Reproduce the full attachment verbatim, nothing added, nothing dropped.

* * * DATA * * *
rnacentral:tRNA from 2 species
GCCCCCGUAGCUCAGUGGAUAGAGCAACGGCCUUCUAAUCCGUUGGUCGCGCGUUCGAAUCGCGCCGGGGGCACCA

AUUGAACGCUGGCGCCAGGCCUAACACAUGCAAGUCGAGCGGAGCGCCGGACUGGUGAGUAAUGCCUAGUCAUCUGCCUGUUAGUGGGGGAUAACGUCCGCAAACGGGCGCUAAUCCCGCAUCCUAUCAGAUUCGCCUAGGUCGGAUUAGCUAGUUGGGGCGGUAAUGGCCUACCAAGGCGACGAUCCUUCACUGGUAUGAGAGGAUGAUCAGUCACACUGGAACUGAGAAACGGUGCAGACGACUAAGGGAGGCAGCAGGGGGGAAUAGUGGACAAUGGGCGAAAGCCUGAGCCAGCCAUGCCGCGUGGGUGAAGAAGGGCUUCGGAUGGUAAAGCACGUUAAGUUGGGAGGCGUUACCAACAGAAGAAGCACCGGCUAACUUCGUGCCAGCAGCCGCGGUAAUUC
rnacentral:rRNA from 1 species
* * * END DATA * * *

rnacentral:tRNA from 2 species
GCCCCCGUAGCUCAGUGGAUAGAGCAACGGCCUUCUAAUCCGUUGGUCGCGCGUUCGAAUCGCGCCGGGGGCACCA

AUUGAACGCUGGCGCCAGGCCUAACACAUGCAAGUCGAGCGGAGCGCCGGACUGGUGAGUAAUGCCUAGUCAUCUGCCUGUUAGUGGGGGAUAACGUCCGCAAACGGGCGCUAAUCCCGCAUCCUAUCAGAUUCGCCUAGGUCGGAUUAGCUAGUUGGGGCGGUAAUGGCCUACCAAGGCGACGAUCCUUCACUGGUAUGAGAGGAUGAUCAGUCACACUGGAACUGAGAAACGGUGCAGACGACUAAGGGAGGCAGCAGGGGGGAAUAGUGGACAAUGGGCGAAAGCCUGAGCCAGCCAUGCCGCGUGGGUGAAGAAGGGCUUCGGAUGGUAAAGCACGUUAAGUUGGGAGGCGUUACCAACAGAAGAAGCACCGGCUAACUUCGUGCCAGCAGCCGCGGUAAUUC
rnacentral:rRNA from 1 species